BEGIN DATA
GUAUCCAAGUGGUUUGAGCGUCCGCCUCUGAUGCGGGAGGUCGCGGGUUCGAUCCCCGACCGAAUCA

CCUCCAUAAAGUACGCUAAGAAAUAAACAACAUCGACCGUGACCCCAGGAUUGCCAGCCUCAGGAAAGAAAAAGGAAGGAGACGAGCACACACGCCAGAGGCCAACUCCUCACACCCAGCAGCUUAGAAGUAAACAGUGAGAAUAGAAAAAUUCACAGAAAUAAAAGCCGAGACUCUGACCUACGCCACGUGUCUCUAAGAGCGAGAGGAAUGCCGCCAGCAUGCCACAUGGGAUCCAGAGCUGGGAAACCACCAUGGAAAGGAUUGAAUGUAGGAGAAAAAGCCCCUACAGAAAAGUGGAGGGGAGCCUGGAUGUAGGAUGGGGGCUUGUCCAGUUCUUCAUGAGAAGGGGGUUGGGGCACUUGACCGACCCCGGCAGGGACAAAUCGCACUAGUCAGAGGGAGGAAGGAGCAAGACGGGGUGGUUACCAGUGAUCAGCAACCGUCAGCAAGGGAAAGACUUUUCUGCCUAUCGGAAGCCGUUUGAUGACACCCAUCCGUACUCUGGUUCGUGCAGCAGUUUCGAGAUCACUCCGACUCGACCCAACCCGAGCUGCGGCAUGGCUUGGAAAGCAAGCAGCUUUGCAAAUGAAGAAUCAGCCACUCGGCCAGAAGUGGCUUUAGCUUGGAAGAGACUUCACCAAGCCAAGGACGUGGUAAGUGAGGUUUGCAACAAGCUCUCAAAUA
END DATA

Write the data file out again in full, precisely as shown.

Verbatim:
GUAUCCAAGUGGUUUGAGCGUCCGCCUCUGAUGCGGGAGGUCGCGGGUUCGAUCCCCGACCGAAUCA

CCUCCAUAAAGUACGCUAAGAAAUAAACAACAUCGACCGUGACCCCAGGAUUGCCAGCCUCAGGAAAGAAAAAGGAAGGAGACGAGCACACACGCCAGAGGCCAACUCCUCACACCCAGCAGCUUAGAAGUAAACAGUGAGAAUAGAAAAAUUCACAGAAAUAAAAGCCGAGACUCUGACCUACGCCACGUGUCUCUAAGAGCGAGAGGAAUGCCGCCAGCAUGCCACAUGGGAUCCAGAGCUGGGAAACCACCAUGGAAAGGAUUGAAUGUAGGAGAAAAAGCCCCUACAGAAAAGUGGAGGGGAGCCUGGAUGUAGGAUGGGGGCUUGUCCAGUUCUUCAUGAGAAGGGGGUUGGGGCACUUGACCGACCCCGGCAGGGACAAAUCGCACUAGUCAGAGGGAGGAAGGAGCAAGACGGGGUGGUUACCAGUGAUCAGCAACCGUCAGCAAGGGAAAGACUUUUCUGCCUAUCGGAAGCCGUUUGAUGACACCCAUCCGUACUCUGGUUCGUGCAGCAGUUUCGAGAUCACUCCGACUCGACCCAACCCGAGCUGCGGCAUGGCUUGGAAAGCAAGCAGCUUUGCAAAUGAAGAAUCAGCCACUCGGCCAGAAGUGGCUUUAGCUUGGAAGAGACUUCACCAAGCCAAGGACGUGGUAAGUGAGGUUUGCAACAAGCUCUCAAAUA